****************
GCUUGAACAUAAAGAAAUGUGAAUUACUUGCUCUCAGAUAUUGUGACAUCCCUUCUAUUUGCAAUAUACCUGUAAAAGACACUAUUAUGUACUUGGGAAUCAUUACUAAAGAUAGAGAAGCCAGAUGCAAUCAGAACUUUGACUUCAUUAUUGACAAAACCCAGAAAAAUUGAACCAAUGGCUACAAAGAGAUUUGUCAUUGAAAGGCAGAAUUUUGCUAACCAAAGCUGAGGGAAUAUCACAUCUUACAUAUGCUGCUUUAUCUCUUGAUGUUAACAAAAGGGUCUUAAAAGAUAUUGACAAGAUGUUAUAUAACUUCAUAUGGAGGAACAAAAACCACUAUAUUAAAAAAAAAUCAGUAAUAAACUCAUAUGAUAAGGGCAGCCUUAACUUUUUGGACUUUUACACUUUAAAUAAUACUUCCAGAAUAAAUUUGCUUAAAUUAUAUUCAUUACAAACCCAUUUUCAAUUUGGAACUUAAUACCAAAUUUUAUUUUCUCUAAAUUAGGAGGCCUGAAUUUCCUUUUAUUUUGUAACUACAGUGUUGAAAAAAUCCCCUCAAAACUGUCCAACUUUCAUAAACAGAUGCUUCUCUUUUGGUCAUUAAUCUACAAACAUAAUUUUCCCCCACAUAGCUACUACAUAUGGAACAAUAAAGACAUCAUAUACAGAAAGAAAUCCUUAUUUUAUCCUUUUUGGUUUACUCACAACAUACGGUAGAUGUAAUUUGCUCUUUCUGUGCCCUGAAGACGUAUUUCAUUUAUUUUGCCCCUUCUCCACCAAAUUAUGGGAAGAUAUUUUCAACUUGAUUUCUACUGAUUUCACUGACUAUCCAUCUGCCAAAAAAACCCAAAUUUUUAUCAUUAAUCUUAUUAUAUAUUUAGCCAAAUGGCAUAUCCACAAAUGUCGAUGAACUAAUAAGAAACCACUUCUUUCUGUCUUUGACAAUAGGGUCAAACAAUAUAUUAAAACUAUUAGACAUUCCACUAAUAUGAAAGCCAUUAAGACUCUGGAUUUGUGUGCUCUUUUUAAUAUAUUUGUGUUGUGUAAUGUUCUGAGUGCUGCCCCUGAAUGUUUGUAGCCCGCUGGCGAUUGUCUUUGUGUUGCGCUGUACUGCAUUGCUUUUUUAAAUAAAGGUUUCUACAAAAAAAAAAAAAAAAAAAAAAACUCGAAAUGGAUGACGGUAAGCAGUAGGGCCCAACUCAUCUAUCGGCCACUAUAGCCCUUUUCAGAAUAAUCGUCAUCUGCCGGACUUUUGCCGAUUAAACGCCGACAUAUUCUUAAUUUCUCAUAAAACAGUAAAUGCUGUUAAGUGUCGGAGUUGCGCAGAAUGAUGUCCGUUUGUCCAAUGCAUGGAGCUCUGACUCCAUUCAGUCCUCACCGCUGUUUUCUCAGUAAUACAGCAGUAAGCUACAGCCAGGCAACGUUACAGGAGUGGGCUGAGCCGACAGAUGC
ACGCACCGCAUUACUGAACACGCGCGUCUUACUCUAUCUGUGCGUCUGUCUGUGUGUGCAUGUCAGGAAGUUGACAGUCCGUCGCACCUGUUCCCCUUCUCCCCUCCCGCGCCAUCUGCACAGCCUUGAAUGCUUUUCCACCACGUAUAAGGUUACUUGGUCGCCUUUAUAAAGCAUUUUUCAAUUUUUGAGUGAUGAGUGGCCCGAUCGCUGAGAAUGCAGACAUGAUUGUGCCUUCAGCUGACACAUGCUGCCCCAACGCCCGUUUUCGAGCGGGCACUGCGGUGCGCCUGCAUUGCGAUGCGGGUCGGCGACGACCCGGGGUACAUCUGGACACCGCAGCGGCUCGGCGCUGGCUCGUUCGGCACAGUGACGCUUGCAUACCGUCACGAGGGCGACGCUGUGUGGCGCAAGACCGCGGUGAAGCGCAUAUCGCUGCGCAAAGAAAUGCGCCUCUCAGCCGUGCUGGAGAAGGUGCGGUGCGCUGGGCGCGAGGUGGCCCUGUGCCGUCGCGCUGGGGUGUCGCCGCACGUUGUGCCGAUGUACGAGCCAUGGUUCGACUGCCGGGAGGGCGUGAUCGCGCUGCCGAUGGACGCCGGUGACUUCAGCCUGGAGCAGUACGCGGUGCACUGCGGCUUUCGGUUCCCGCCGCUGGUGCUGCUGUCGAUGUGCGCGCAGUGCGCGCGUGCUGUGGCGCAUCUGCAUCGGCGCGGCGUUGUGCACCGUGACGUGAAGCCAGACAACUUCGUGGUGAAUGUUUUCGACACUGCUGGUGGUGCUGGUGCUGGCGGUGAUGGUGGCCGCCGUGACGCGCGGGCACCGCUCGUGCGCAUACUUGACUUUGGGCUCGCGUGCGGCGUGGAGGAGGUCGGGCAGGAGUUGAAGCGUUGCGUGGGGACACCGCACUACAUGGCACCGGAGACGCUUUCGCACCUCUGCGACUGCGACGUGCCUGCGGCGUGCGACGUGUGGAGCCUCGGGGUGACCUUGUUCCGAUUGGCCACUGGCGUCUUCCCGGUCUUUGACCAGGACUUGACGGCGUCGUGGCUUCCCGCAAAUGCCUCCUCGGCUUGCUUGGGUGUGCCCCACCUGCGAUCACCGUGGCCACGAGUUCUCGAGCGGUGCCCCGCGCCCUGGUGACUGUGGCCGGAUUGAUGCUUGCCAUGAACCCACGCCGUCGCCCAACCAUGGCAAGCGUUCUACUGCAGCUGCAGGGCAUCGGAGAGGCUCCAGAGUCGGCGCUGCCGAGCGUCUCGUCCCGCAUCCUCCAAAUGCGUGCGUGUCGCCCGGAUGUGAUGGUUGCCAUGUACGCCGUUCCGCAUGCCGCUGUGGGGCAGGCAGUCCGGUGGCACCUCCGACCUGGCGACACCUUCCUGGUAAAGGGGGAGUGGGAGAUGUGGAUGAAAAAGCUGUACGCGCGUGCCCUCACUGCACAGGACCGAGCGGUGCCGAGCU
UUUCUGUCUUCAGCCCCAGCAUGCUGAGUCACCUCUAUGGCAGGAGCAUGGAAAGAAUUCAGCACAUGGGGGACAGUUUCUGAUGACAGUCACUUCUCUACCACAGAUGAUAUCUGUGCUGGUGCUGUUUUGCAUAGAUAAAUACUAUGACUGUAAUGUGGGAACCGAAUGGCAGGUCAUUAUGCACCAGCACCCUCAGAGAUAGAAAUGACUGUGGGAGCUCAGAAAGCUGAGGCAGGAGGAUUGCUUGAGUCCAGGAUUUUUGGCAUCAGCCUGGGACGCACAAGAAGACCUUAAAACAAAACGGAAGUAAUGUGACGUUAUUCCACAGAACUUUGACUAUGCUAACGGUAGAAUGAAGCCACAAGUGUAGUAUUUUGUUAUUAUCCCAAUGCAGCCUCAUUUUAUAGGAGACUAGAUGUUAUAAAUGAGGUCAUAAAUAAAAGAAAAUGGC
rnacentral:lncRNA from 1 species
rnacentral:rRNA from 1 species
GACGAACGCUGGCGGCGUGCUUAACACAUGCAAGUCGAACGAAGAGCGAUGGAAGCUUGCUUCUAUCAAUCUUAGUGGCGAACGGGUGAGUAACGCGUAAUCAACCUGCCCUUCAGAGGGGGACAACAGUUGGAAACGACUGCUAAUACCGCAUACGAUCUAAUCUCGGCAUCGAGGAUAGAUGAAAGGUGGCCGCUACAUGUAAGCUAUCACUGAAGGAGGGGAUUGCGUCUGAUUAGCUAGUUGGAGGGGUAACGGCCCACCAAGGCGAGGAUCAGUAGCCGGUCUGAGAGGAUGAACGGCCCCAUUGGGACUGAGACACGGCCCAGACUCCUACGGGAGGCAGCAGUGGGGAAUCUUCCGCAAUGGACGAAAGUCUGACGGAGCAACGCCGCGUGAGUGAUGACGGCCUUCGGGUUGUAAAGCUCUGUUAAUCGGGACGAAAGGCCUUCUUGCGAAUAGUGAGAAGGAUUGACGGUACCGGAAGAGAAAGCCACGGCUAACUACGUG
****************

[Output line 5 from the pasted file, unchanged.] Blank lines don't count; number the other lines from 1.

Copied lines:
rnacentral:rRNA from 1 species